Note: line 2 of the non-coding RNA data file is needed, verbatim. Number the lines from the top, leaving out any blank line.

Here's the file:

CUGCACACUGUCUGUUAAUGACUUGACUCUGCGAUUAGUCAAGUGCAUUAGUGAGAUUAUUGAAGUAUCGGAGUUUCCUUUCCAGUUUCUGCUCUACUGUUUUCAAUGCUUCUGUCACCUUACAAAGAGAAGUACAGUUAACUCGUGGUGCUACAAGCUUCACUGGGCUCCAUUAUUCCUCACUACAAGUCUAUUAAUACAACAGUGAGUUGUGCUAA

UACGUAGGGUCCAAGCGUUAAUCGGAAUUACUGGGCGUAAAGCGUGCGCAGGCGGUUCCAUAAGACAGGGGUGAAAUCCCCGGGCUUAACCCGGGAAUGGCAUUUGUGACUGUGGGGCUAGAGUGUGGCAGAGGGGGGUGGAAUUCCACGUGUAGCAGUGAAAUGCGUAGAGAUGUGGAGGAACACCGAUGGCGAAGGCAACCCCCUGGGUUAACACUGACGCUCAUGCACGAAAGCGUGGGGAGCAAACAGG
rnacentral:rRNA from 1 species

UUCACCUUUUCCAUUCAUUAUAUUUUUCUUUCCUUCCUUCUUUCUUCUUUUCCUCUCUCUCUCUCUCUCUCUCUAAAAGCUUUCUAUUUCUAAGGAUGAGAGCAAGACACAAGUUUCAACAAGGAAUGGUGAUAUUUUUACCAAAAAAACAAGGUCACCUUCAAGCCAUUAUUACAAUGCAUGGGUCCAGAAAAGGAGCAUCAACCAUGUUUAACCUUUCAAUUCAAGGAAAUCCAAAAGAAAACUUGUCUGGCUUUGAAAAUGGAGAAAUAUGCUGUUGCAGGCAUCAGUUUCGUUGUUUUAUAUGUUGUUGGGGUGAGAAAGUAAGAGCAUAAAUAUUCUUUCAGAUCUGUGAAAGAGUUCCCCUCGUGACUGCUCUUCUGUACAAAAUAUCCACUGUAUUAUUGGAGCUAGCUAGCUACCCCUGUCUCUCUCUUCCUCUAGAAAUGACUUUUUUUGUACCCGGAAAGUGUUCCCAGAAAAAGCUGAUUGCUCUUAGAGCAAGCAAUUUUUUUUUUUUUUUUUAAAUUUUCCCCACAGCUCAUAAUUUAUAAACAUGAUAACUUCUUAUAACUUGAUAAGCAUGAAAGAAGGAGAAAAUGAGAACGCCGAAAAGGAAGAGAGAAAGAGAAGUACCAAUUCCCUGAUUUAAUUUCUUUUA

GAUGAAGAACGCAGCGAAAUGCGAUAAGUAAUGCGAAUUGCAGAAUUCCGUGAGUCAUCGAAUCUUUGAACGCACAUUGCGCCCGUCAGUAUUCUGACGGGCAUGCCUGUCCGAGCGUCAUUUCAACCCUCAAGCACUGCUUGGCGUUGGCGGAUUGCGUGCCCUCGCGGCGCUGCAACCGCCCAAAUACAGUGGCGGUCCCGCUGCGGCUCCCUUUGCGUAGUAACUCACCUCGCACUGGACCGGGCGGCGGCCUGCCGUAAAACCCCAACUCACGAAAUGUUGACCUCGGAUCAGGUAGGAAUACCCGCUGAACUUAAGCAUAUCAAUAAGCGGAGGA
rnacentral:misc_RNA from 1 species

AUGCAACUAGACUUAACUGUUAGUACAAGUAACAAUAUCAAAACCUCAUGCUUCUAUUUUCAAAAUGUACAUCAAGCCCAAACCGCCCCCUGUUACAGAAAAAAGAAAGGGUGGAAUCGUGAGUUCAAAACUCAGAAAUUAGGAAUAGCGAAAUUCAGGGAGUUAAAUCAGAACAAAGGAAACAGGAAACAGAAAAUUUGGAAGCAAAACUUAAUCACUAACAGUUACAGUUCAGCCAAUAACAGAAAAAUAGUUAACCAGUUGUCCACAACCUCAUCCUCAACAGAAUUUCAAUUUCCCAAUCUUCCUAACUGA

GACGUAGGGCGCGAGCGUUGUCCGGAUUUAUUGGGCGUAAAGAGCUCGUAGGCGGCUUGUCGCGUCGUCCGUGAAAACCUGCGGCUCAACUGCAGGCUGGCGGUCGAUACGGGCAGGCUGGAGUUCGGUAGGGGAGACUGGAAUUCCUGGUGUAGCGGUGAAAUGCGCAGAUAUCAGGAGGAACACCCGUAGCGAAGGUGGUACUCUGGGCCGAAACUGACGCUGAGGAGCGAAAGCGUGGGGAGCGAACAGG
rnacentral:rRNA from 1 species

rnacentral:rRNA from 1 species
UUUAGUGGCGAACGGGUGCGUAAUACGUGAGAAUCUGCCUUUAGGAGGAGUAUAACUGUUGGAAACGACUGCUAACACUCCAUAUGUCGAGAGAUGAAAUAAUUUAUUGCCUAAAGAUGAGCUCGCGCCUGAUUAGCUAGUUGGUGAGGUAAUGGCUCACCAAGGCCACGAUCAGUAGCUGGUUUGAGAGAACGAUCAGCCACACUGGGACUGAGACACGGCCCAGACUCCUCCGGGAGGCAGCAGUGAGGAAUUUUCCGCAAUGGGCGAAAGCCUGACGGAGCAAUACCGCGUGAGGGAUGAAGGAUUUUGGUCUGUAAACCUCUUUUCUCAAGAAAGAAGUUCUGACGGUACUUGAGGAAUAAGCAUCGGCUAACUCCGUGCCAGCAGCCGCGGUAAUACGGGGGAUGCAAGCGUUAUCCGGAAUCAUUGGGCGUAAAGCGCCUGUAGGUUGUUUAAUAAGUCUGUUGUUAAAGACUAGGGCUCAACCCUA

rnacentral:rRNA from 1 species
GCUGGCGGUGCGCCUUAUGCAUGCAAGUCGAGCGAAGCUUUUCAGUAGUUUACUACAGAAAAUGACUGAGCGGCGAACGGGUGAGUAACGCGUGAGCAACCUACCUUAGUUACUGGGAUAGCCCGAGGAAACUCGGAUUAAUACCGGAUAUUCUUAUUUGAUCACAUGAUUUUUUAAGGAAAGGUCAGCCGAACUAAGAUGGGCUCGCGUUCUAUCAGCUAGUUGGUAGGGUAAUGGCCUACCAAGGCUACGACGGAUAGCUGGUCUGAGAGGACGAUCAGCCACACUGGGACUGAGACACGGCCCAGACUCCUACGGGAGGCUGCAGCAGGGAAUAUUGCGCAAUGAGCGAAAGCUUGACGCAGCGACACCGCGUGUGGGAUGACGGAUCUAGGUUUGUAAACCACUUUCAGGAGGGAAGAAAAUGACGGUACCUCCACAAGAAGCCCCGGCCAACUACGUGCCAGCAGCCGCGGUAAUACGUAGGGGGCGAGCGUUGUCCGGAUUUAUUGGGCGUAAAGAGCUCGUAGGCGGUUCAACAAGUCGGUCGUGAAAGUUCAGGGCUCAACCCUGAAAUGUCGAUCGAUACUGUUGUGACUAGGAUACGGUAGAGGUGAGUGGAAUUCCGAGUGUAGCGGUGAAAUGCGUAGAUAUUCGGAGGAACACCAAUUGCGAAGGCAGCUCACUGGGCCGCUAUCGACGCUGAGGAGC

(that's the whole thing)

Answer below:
UACGUAGGGUCCAAGCGUUAAUCGGAAUUACUGGGCGUAAAGCGUGCGCAGGCGGUUCCAUAAGACAGGGGUGAAAUCCCCGGGCUUAACCCGGGAAUGGCAUUUGUGACUGUGGGGCUAGAGUGUGGCAGAGGGGGGUGGAAUUCCACGUGUAGCAGUGAAAUGCGUAGAGAUGUGGAGGAACACCGAUGGCGAAGGCAACCCCCUGGGUUAACACUGACGCUCAUGCACGAAAGCGUGGGGAGCAAACAGG